Homework Help: Nonlinear gravity as a classical field theory

1. May 1, 2016

spaghetti3451

1. The problem statement, all variables and given/known data

In this problem, you will calculate the perihelion shift of Mercury simply by dimensional analysis.

(a) The interactions in gravity have

$\mathcal{L}=M^{2}_{Pl}\Big(-\frac{1}{2}h_{\mu\nu}\Box h_{\mu\nu}+(\partial_{\alpha}h_{\mu\nu})(\partial_{\beta}h_{\mu\alpha})h_{\nu\beta}+\cdots\Big)-h_{\mu\nu}T_{\mu\nu},\qquad\qquad (1)$

where $M_{Pl}=\frac{1}{\sqrt{G_{N}}}$ is the Planck scale. Rescaling $h$, and dropping indices and numbers of order $1$, this simplifies to

$\mathcal{L}=-\frac{1}{2}h\Box h+(M_{Pl})^{a}h^{2}\Box h-(M_{Pl})^{b}hT.\qquad\qquad (2)$

What are $a$ and $b$ (i.e. what are the dimensions of these terms)?

(b) The equations of motion following from this Lagrangian are (roughly)

$\Box h = (M_{Pl})^{a}\Box (h^{2})-(M_{Pl})^{b}T.\qquad\qquad (3)$

For a point source $T=m\delta^{(3)}(x)$, solve Eq. (3) for $h$ to second order in the source $T$ (or equivalently to third order in $M_{Pl}^{-1}$). You may use the Coulomb solution we already derived.

(c) To first order, $h$ is just the Newtonian potential. This causes Mercury to orbit. What is Mercury's orbital frequency, $\omega=\frac{2\pi}{T}$? How does it depend on $m_{\text{Mercury}}$, $m_{\text{Sun}}$, $M_{Pl}$ and the distance $R$ between Mercury and the Sun?

(d) To second order, there is a correction that causes a small shift Mercury's orbit. Estimate the order of magnitude of the correction to $w$ in arcseconds/century using your second-order solution.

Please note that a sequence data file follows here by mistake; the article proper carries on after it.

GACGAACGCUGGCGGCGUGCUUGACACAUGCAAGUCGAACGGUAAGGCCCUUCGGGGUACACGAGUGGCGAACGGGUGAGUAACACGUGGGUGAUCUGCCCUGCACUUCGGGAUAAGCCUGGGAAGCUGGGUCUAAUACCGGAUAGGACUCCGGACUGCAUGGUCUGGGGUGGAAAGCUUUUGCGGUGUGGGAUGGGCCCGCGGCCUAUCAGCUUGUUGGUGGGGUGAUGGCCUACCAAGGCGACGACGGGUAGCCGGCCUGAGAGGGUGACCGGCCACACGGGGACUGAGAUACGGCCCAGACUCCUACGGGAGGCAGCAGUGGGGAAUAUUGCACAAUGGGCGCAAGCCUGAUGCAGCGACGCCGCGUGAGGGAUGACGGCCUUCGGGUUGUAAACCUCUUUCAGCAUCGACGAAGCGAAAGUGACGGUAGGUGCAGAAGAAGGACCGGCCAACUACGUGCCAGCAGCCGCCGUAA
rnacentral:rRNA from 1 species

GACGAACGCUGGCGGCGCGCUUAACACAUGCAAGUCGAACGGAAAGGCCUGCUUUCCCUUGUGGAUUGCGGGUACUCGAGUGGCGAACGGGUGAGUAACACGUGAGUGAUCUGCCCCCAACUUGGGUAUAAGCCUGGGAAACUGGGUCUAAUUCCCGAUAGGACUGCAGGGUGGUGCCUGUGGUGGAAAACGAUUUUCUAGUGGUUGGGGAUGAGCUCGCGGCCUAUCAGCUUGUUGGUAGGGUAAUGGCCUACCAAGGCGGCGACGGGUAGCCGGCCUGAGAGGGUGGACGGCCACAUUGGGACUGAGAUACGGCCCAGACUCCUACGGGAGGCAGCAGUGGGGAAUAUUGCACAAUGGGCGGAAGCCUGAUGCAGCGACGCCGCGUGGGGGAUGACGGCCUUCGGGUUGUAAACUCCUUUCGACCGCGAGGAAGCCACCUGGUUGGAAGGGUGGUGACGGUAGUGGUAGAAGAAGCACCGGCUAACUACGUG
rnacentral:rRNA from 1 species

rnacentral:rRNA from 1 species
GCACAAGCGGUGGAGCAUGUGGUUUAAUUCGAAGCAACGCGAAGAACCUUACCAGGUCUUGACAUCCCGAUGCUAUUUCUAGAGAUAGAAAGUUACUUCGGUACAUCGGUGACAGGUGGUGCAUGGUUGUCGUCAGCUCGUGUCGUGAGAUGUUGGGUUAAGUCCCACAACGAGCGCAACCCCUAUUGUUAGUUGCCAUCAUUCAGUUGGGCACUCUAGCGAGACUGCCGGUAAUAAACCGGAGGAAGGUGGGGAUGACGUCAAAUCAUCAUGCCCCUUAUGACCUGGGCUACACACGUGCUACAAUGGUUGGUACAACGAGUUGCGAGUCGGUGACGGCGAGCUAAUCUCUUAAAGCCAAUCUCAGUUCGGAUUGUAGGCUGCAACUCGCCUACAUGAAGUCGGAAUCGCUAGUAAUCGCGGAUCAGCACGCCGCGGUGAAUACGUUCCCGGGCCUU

(e) Estimate how big the effect is of other planets on Mercury's orbital frequency. (Dimensional analysis will do - just get the right powers of masses and distances.)

(f) Do you think the shifts from either the second-order correction or from the other planets should be observable for Mercury? What about for Venus?

(g) If you derive Eq. (3) from Eq. (2), what additional terms do you get? Why is it OK to use Eq. (3) without these terms?

2. Relevant equations

3. The attempt at a solution

(a) I understand what it means to rescale $h$ and drop indices.

In particular, for the first term, $h\Box h = M^{2}_{Pi}h_{\mu\nu}\Box h_{\mu\nu}$ so that $h=M^{2}_{Pi}h_{\mu\nu}.$

Therefore, for the third term, $h_{\mu\nu}T_{\mu\nu}=(M_{Pl})^{b}hT$ which implies $h_{\mu\nu}T_{\mu\nu}=(M_{Pl})^{b}(M_{Pl}h_{\mu\nu})T$ so that $b=-1.$

What does it mean to drop numbers of order $1$? What are the numbers of order $1$ here anyway?

2. May 6, 2016

Greg Bernhardt

They mean the terms of order $M_{Pl}^0$, i.e. with no factors of the Planck mass. These would appear if one would include more of the terms that are not shown (where the three dots are). These three dots contain terms that contain factors $\frac{1}{M_P^2}, \frac{1}{M_P^4}$ and so on. Since they get multiplied by $M_P^0$, they start at order $M_P^0$. They therefore basically mean that one should neglect all the terms that are implicitly contained in the three dots.